The Anonymous Widower

Was It Right To Bomb Germany As We Did in the Second World War?

I have felt for a long time that the bombing of German cities by the RAF and the USAAF was rather a pointless exercise driven more by vengeance and revenge than any strategic purpose to defeat the Nazis.

Remember, I was brought up in London and many of my relatives experienced the bombing first hand. My grandfather’s premises close to the Barbican, where he worked as an engraver, were completely destroyed in the Blitz. Many of these people weren’t too bothered about the bombing as it just made them angry and anyway they survived. Others might have felt different, but most just felt that you had to deal with what happened and get on with life. Supposedly, one of the reasons for bombing civilians was to break their moral and hopefully get them to turn against the government.  I think that London and other British cities that were bombed showed that it didn’t work.  If anything it just stiffened their resolve to carry on.

Was it any different in Germany, when we bombed their cities? I’ve only met a couple of Germans, who endured the bombing from the RAF and the USAAF and they didn’t seem to react any differently  to the way we did. And they probably suffered a lot more.

But also remember that a 250,000 from both the RAF and the USAAF either died or went missing in the bombing of Germany. So in some ways we lost the trained personnel that we really needed to support the invasion.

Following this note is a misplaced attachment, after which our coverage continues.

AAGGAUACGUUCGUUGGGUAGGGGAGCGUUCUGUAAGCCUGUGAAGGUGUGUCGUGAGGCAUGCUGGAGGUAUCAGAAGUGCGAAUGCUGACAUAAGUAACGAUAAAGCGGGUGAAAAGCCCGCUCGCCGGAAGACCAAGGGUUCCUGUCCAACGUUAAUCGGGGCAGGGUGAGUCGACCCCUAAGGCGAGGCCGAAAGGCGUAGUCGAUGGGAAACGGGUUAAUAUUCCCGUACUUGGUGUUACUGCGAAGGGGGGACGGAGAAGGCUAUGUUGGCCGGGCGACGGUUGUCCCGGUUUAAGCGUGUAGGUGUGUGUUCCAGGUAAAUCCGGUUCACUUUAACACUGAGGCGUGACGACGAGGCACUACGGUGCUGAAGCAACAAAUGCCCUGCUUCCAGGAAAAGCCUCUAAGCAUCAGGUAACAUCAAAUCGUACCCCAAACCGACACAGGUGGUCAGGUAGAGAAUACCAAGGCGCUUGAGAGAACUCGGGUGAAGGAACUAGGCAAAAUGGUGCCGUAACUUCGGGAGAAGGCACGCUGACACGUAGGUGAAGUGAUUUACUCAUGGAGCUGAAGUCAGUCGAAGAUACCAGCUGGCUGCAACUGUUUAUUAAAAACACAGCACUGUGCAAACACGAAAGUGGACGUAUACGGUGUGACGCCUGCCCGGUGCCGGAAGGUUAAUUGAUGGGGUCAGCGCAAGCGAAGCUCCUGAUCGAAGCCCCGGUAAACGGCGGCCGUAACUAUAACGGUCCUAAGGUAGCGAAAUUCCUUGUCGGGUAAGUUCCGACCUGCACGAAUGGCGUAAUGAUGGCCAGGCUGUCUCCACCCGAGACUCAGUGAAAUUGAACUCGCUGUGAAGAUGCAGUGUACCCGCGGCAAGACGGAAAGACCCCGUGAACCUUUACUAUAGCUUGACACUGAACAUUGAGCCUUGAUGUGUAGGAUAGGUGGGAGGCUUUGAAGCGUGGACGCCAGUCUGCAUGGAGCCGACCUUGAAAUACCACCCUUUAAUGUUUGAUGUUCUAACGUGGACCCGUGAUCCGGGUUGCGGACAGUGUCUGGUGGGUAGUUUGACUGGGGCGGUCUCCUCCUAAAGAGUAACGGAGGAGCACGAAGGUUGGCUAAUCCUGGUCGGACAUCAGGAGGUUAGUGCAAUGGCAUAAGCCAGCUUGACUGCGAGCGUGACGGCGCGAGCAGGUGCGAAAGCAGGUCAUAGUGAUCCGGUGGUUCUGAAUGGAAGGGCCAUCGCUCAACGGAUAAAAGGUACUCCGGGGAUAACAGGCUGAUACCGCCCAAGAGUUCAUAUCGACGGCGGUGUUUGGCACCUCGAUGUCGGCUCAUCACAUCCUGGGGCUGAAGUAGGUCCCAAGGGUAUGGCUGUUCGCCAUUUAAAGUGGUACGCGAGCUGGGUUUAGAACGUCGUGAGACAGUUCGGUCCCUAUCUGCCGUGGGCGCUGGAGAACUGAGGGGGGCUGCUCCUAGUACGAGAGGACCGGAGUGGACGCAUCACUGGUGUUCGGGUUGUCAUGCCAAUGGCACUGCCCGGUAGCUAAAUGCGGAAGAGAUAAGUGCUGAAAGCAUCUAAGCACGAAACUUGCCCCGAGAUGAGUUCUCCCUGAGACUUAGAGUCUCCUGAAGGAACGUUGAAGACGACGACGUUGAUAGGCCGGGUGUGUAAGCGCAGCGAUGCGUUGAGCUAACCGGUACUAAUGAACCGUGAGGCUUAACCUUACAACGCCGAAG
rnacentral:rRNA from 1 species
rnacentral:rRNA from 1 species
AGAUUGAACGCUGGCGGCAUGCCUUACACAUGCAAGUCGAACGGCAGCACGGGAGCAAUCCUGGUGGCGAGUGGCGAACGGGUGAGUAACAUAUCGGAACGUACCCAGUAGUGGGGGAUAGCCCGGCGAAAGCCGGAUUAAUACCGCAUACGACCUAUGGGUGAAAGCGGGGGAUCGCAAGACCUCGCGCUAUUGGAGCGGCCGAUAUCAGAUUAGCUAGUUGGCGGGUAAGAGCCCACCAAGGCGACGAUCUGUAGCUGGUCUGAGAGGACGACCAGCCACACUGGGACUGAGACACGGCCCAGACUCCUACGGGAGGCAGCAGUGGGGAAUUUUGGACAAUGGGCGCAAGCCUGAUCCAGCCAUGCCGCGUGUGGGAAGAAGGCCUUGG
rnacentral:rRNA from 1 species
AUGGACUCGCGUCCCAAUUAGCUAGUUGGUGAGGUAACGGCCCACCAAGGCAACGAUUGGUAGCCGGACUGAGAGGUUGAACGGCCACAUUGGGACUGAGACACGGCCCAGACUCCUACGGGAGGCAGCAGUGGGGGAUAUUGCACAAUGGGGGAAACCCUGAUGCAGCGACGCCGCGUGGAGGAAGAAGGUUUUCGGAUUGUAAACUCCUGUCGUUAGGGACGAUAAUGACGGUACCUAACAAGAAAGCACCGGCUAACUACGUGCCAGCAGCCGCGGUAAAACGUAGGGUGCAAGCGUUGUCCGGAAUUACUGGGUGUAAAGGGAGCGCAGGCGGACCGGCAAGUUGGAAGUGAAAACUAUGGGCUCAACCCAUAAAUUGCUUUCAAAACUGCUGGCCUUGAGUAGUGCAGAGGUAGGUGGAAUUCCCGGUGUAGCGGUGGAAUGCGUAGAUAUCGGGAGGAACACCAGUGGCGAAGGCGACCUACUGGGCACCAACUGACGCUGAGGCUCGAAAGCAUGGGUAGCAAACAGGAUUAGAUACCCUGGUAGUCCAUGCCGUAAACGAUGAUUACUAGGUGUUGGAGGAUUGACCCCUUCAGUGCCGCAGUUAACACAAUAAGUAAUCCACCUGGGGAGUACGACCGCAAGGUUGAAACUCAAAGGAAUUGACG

I also remember reading the history of the de Havilland Mosquito. Initially this superb design wasn’t really wanted by the RAF, as they felt who in his right mind would want to fly across to bomb Germany in an unarmed aircraft built out of ply and balsa wood. To them and the USAAF, a heavily armed four engined bomber would obviously be better. But statistics proved them wrong, as the Mosquito, which carried virtually the same bomb load as a B-17, but with a crew of two instead of ten, had a much higher return rate and much lower losses of crew. It was also much faster and could bomb Germany twice in one night.

In my view it should have been used strategically to take out German infrastructure, such as important factories and rail junctions. Wikipedia says this.

Mosquitos were widely used by the RAF Pathfinder Force, which marked targets for night-time strategic bombing. Despite an initially high loss rate, the Mosquito ended the war with the lowest losses of any aircraft in RAF Bomber Command service. Post war, the RAF found that when finally applied to bombing, in terms of useful damage done, the Mosquito had proved 4.95 times cheaper than the Avro Lancaster.